Serbia Travel Guide

A country with a perpetual image problem, Serbia has a chronic ‘loss of territory’ problem as successive breakaway states keep trying to stay as far away from the bullying clutches of Belgrade as possible. Still in transition following the break up of the former Yugoslavia, Serbia is a nation steeped in history at the junction that connects Europe to the near East. Although the country recently lost its coastline following Montenegro’s vote for independence in 2006, Serbia remains a destination with plenty to offer. The countryside is dominated by rolling hills, castles and national parks. Then there is Belgrade, a capital of wide boulevards, classical architecture and loud music that has earned the city a reputation for good nightlife and bad hangovers.

The warm Serbian attitude towards foreigners and their ability, particularly among the younger generation, to speak English makes the country a welcoming place for travelers. Accommodation in the capital is mostly good value and in some cases very plush. The food in Serbia, and particularly in Belgrade, is varied, catering to western tastes. But, if you want something a bit different, walk past McDonald’s to a Serbian restaurant and order a pljeskavica—think quarter-pounder with curdled cheese. It tastes better than it sounds, trust us.

When to Go

The Serbian climate is typically Central European with four distinct seasons.
The summers last long into September and are generally sunny and hot with the wettest period falling during the spring, which begins at the end of February. Serbian winters hover above 30°F in the most part, with frequent snow and frost.

Getting There & Away

Belgrade has connections to numerous destinations throughout Europe, the Middle East and Africa, making Serbia a fairly straightforward destination to get to. Train services also connect to cities throughout Central Europe including Munich, Zagreb, Vienna and Zurich. Ticket prices are cheap, but then you get what you pay for—expect the trains to be late, crowded and less than comfortable, at least by European standards. Inner-city transport, particularly in Belgrade, is very good and extremely cheap. Avoid the taxis which too often take travelers for an overpriced ride. Instead, get better value-for-money on the buses and trams that zigzag across the city.

Health & Safety

Serbia has gone from a war-torn slice of hell to a stable, relatively crime-free country, although caution must still be taken in the restive province of Kosovo which remains under UN administration. Non-Caucasians can expect stares and occasional attention from the police, but should not expect anything more serious than this, although Serbia is not renowned for its tolerance of different ethnic groups. Pedestrians may find crossing the road a hair-raising experience as the driving style is a little aggressive, although cars tend to stop at traffic lights, at least most of the time.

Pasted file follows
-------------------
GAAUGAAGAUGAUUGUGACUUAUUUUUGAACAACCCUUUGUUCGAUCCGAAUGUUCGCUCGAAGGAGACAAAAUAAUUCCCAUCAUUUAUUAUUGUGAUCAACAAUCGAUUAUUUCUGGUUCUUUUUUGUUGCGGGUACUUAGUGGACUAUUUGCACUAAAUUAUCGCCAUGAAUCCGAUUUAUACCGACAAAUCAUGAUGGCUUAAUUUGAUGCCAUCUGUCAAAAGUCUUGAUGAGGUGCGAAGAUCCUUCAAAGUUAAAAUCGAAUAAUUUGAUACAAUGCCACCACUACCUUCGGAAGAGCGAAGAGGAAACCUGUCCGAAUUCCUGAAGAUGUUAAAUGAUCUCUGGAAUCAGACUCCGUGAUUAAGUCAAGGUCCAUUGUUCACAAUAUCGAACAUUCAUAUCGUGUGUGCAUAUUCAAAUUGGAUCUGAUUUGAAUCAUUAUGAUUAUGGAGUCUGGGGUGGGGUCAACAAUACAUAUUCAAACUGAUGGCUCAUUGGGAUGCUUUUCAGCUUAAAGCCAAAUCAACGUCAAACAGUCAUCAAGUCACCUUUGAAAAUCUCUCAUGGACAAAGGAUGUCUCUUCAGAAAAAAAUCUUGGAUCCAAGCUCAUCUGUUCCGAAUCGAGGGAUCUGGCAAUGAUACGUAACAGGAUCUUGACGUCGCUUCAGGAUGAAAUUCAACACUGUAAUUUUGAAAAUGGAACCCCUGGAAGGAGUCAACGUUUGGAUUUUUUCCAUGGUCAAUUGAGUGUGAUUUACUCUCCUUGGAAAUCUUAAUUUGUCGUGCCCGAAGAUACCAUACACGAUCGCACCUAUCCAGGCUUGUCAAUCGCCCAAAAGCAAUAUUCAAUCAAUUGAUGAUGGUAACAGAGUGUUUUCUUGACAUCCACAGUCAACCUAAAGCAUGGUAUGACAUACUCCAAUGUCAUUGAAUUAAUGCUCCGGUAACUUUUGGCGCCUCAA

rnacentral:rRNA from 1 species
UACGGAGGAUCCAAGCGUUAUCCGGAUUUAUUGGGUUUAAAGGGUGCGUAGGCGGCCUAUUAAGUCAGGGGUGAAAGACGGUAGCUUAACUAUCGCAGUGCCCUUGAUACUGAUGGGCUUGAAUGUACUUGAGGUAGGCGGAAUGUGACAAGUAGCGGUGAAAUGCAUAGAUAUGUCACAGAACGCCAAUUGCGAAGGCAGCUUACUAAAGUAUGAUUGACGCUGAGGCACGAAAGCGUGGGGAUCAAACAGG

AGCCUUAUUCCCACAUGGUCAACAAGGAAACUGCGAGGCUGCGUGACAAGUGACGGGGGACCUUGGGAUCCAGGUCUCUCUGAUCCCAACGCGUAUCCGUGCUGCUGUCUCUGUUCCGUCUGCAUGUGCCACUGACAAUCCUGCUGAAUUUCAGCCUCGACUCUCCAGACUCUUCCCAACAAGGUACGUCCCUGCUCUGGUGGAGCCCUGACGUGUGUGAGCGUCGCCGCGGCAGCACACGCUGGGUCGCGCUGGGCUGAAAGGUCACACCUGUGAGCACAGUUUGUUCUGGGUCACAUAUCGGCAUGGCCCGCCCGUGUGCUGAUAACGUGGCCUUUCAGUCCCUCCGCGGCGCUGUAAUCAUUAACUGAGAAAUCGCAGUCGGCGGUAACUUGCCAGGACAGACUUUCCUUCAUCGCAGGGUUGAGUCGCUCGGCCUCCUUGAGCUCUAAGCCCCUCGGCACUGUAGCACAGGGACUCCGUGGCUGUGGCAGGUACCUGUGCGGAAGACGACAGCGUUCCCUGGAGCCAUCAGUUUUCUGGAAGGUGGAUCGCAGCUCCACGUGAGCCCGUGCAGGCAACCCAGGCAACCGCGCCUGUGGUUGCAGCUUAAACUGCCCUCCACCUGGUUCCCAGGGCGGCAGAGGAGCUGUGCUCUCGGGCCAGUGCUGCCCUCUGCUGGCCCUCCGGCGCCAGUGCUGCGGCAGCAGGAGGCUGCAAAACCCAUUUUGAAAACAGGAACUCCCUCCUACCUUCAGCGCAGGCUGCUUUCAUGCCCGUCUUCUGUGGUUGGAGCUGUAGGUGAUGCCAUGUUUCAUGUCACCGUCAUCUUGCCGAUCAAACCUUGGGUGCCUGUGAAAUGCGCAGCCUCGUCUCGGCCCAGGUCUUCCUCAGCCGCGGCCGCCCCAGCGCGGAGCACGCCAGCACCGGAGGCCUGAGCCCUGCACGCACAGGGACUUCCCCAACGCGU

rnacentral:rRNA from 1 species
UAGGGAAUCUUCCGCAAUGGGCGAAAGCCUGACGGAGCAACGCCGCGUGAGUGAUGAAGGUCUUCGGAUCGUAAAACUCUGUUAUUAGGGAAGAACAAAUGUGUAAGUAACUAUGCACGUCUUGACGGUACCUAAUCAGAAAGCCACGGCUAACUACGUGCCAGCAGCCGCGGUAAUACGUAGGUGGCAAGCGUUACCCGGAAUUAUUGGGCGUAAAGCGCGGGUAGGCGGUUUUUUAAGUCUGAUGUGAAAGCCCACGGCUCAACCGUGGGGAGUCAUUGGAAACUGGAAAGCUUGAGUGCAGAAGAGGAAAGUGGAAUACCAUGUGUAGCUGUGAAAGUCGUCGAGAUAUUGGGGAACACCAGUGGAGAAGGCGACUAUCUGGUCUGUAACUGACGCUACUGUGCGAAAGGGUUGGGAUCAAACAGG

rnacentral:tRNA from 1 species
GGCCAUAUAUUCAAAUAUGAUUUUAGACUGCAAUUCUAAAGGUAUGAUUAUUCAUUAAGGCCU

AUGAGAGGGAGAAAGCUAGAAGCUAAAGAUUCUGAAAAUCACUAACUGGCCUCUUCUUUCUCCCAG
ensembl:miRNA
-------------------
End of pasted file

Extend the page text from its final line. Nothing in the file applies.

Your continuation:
Four days in Belgrade
Three days in Novi Sad
Three days in Zlatibor

Additional time
Three days in Nis
Two days in Palic


Belgrade: the Serbian capital is a sophisticated city in its own very rundown East European way, with good food and plenty going on until all hours of the morning. It’s also a good place for warlords to ‘hide out’!

Novi Sad: home of a sprawling 18th century fortress and the infamous EXIT music festival in July, this city is situated right on the Danube.

Zlatibor: a budget ski resort by Central European standards and a good place to get out in the wilderness when the snows melt and summer begins. Hardly chamonix but easier on the budget.

Nis: Serbia’s third-largest city is abundant in historic sites including the sinister named Skull Tower, Roman artifacts and a riverside fortress.

Palic: a lakeside town in the north of the country famous for its arts scene and annual film festival.


Sightseeing: history buffs will have a field day viewing Serbia’s wealth of historic forts, churches and Classical and Baroque architecture. It’s all interestingly interspersed with remnants of one of Europe’s ugliest wars.

Nightclubbing: get down in Belgrade’s dark and often dingy night scene, fuelled by cheap drinks and diverse music.

Sailing: spend a day on Europe’s second-largest river, the Danube, either for a quick bite to eat on one of the floating restaurants or on a longer cruise that passes through Belgrade.

Skiiing: Serbia may not be a patch on some of Central Europe’s more exclusive resorts, but its cheap and certainly off the beaten track.